Monday, August 8

The judge makes Borràs ugly for his “abuse” of the challenge and rejects his last resort before sending her to trial


Laura Borràs only has to wait for her trial for corruption. Judge Carlos Ramos has rejected the last appeal of the president of the Parliament to force his recusal, a request that the magistrate of the Superior Court of Justice of Catalonia (TSJC) considers a “manifest abuse” of the legal figure to separate the robed in case of appreciating a risk of partiality.

The audios of Borràs after learning about the investigation of his contracts: “If the mosso comes again, let me know right away”

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With the denial of Borràs’s last attempt to delay the trial, there are no more resources to elucidate, with which the magistrate already has everything ready to issue the order to open an oral trial against the President of the Parliament for awarding contracts by hand to a friend when he directed the Institució de les Lletres Catalanes (ILC) between 2013 and 2018.

The order to open the trial will transfer Borràs’s suspension as a deputy to the Parlament. The Parliament’s regulations require it to be done in the case of deputies awaiting trial for corruption, but Borràs has advocated directly suppressing the precept of the regulation so that it does not affect him. The opposition, on the other hand, is forced to apply it given that the Prosecutor’s Office is asking for six years in prison for prevarication and false documentation against Borràs.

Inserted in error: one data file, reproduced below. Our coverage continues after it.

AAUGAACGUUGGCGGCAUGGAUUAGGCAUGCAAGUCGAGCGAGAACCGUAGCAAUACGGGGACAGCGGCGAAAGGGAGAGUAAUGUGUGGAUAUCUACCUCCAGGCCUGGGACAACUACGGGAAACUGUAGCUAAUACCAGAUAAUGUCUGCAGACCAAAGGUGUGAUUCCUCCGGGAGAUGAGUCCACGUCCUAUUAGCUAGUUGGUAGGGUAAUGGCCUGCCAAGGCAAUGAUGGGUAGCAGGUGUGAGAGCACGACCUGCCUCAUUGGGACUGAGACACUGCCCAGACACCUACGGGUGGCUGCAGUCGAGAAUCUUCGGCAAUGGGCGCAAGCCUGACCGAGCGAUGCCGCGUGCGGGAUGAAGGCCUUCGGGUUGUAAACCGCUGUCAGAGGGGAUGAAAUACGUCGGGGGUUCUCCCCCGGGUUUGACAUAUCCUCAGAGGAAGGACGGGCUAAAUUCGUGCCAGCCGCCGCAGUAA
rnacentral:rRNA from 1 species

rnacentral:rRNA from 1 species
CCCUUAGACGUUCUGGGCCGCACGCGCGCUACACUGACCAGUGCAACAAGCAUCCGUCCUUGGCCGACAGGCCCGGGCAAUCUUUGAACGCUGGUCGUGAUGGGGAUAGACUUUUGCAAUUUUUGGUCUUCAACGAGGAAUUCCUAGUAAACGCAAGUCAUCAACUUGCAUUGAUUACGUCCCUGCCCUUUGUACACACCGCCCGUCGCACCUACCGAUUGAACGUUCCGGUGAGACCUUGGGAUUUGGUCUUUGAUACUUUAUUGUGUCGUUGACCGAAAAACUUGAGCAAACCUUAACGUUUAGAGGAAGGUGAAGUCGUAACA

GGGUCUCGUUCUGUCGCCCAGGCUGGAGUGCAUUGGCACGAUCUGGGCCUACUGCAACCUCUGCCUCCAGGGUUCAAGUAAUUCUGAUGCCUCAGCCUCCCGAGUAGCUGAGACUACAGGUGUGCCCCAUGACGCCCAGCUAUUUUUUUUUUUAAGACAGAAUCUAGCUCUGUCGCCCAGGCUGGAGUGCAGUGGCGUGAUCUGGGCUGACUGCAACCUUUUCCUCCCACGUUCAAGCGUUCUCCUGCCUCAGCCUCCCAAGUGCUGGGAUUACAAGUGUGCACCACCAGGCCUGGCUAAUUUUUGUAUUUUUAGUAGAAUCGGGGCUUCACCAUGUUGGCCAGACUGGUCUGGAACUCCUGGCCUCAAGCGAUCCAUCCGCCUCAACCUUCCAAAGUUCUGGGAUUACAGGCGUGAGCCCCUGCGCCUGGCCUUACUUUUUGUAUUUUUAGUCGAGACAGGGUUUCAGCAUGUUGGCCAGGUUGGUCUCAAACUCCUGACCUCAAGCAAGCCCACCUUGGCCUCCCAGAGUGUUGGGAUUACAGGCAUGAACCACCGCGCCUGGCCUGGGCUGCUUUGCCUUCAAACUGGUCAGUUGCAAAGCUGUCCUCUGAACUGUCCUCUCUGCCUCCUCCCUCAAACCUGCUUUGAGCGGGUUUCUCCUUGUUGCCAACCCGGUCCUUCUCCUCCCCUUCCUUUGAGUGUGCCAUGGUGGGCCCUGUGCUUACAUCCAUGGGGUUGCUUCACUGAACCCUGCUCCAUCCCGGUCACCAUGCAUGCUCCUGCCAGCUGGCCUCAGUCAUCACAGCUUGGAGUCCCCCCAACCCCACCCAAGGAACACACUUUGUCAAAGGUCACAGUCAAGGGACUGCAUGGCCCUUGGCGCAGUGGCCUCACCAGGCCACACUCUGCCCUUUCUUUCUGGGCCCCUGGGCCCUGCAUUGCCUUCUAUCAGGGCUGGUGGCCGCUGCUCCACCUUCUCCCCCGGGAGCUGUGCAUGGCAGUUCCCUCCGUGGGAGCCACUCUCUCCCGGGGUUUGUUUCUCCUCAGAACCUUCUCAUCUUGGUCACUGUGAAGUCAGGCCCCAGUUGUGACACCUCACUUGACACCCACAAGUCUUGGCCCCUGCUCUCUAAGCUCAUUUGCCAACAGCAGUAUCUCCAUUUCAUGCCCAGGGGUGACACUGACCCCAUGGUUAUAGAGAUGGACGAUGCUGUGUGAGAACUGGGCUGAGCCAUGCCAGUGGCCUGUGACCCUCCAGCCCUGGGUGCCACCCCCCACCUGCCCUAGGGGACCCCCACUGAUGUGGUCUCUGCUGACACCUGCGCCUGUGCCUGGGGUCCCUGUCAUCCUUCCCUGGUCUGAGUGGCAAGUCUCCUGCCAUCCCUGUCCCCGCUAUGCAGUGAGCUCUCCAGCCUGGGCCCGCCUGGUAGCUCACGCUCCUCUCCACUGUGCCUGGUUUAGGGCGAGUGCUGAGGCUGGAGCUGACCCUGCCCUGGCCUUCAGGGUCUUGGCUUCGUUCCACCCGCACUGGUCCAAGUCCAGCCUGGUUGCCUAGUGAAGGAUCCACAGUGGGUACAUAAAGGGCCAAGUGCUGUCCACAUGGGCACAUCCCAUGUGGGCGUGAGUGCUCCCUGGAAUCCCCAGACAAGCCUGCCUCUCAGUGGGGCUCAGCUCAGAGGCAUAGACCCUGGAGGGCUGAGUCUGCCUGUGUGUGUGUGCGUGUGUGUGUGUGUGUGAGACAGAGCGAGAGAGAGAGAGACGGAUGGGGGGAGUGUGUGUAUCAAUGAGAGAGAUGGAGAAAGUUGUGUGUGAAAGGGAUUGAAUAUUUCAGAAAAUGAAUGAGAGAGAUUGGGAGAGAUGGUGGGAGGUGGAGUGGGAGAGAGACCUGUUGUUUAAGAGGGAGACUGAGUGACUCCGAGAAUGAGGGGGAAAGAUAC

According to his defense sources, Borràs has not appealed the order for which the instructor left her one step away from trial. Neither have the other two defendants, Isaías H., Borràs’s friend who was awarded 18 ILC contracts, and an acquaintance of the latter, who allegedly was part of the plan to present mendacious offers.

In this way, the order to open an oral trial against Borràs is an imminent procedure whose resolution only depends on Judge Ramos. This Monday the judge has returned the criticism that Borràs poured on him last week, when he accused him of rejecting his recusal in the first instance without following the legally established procedure by having “undue haste” to close the case and send it to trial.

In the order issued this Monday, the judge reminded Borràs that, according to the law, there was no recourse against his decision not to admit the challenge. The magistrate also mentions the doctrine of the European Court of Human Rights (ECHR) that supports inadmissibility of challenges “based on reasons of a general and abstract order or with manifest abuse”, as in his opinion is the one raised by Borràs.

The judge also maintains that his “concern” that the process against Borràs not suffer undue delays “because of fraudulent and/or abusive procedural acts by the parties is absolutely legitimate and cannot be indicative of any spurious interest.”



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